LOS ANGELES: Consumers who regularly use Twitter, the microblogging service, are more likely to engage with brands on the web than members of other social networking sites, a new study from Interpret, the research firm, has found.
The company conducted a survey of 9,200 people in order to assess the attitudes and behaviours of users of Twitter compared with their counterparts on portals like Facebook and MySpace.
It found that 24% of netizens who frequently accessed the first of these three properties often reviewed or rated products on the internet, a figure that fell to 12% for their peers on the other Web 2.0 heavyweights.
Similarly, 20% of "tweeters" said they viewed information like company profiles, a total that reached just 11% for their counterparts on alternative social networks.
Perhaps most interestingly for marketers, 20% of the “Twitterati” often click on web advertising and online sponsorship executions, more than double the percentage among non-users of the site.
Michael Gartenberg, vice president of strategy and analysis at Interpret, argued in a report that "Twitter has gone from digerati fad to industry force. Vendors ignoring Twitter users along with their reach and influence do so at their own peril."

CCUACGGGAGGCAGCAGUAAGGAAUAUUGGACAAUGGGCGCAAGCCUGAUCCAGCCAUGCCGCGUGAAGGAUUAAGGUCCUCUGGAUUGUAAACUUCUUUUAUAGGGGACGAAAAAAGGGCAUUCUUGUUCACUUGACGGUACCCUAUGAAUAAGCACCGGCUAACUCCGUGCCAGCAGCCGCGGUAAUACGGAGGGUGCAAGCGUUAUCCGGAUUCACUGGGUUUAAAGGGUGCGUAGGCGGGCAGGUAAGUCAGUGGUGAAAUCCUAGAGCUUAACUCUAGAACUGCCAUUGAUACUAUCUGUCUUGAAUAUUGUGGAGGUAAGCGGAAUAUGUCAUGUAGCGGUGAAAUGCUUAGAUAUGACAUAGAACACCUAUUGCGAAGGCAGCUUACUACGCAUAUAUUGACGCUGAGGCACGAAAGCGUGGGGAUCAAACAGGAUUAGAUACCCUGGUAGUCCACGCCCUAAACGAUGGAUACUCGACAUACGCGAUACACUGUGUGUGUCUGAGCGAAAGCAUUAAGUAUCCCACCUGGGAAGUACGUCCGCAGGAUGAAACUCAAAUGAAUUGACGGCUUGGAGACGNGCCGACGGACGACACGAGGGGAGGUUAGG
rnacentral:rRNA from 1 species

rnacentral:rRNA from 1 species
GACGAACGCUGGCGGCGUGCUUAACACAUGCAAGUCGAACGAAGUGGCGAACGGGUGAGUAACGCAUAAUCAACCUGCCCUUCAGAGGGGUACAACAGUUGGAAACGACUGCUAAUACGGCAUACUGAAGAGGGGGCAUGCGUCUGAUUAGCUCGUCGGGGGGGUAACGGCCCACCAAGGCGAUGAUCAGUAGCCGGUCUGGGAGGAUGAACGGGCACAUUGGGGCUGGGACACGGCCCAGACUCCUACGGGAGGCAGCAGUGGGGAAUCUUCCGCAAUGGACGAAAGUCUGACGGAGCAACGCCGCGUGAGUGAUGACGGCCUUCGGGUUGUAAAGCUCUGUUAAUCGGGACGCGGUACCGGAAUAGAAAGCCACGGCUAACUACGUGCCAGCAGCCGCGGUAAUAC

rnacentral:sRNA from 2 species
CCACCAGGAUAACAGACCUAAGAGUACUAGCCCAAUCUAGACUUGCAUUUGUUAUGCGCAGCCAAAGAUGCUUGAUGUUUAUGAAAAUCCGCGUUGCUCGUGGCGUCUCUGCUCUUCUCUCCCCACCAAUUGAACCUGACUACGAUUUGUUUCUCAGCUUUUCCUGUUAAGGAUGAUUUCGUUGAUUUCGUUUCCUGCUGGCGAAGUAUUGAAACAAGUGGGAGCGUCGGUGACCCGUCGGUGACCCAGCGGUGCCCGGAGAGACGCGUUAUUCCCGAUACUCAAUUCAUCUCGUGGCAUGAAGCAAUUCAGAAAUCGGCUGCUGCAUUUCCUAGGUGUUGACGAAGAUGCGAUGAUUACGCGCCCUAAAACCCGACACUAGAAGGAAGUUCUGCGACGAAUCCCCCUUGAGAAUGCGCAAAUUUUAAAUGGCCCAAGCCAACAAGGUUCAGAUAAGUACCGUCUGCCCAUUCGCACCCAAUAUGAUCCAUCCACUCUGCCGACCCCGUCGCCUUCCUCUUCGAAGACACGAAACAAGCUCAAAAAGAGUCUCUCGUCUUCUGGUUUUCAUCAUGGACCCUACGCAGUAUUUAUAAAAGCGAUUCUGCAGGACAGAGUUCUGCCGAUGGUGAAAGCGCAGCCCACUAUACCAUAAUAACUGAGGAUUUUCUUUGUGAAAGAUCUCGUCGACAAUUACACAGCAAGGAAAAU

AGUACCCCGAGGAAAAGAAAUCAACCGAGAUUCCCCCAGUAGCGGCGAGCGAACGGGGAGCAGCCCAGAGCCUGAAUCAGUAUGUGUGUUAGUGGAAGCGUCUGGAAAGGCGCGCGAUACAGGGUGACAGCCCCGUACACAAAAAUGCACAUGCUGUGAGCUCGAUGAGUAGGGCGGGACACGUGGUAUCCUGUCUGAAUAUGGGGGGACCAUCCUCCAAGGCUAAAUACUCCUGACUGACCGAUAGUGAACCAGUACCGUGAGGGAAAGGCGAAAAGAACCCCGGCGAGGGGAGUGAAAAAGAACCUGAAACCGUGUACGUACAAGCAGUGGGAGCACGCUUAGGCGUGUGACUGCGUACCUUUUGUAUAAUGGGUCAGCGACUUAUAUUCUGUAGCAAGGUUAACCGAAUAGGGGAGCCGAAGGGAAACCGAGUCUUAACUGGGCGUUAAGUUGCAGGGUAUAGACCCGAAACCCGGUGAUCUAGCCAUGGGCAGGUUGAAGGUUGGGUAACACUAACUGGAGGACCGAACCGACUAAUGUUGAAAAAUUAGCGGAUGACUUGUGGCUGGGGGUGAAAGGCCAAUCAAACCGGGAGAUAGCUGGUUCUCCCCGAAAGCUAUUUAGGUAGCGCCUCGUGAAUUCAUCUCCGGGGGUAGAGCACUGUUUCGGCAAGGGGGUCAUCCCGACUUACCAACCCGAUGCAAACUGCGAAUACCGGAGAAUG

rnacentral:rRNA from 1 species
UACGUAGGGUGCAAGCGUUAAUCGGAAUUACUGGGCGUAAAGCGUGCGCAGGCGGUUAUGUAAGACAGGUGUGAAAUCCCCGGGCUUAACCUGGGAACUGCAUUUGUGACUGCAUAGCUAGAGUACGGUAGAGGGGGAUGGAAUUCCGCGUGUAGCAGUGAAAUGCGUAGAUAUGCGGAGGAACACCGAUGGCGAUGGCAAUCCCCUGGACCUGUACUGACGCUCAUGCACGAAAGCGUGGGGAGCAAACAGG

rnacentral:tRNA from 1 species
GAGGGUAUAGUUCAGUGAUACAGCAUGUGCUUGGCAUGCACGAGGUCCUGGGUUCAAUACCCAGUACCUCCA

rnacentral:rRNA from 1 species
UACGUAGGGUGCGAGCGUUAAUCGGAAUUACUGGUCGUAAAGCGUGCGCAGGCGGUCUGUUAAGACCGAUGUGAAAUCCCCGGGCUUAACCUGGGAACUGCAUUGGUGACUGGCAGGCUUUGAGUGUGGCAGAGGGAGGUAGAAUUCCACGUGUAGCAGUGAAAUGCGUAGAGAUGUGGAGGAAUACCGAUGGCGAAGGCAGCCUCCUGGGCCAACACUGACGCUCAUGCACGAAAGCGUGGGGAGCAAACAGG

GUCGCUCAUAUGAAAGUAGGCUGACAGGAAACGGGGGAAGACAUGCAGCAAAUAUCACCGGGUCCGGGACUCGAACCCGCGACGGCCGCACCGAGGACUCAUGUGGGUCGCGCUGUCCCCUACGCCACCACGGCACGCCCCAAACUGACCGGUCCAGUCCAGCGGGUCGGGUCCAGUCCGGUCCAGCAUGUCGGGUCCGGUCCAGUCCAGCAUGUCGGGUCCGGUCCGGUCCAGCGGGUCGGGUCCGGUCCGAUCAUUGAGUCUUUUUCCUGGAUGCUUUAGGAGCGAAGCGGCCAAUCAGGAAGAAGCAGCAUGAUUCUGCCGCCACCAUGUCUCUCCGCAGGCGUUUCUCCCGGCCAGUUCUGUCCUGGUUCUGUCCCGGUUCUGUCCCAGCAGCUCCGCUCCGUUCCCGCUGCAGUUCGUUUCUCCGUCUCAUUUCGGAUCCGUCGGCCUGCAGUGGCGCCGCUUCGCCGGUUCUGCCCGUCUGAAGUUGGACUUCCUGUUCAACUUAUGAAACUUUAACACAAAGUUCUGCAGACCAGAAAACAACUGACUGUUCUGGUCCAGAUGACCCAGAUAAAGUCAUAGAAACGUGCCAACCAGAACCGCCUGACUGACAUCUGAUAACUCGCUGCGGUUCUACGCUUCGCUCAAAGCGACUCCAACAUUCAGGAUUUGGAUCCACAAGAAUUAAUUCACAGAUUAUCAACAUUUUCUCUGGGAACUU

ComScore, the marketing data and services firm, estimated that 55 million people worldwide visited Twitter in August 2009, compared with just 4 million some 12 months earlier.
However, Hitwise has also found that the self-defined "social messaging utility" has seen its share of web visits and search enquiries in the US gradually decline after reaching a peak in April this year.
Twitter has recently announced an intention to establish a number revenue-generating tools, such as verified user accounts, and has also "left the door open" to advertising.
Data sourced from Wall Street Journal; additional content by WARC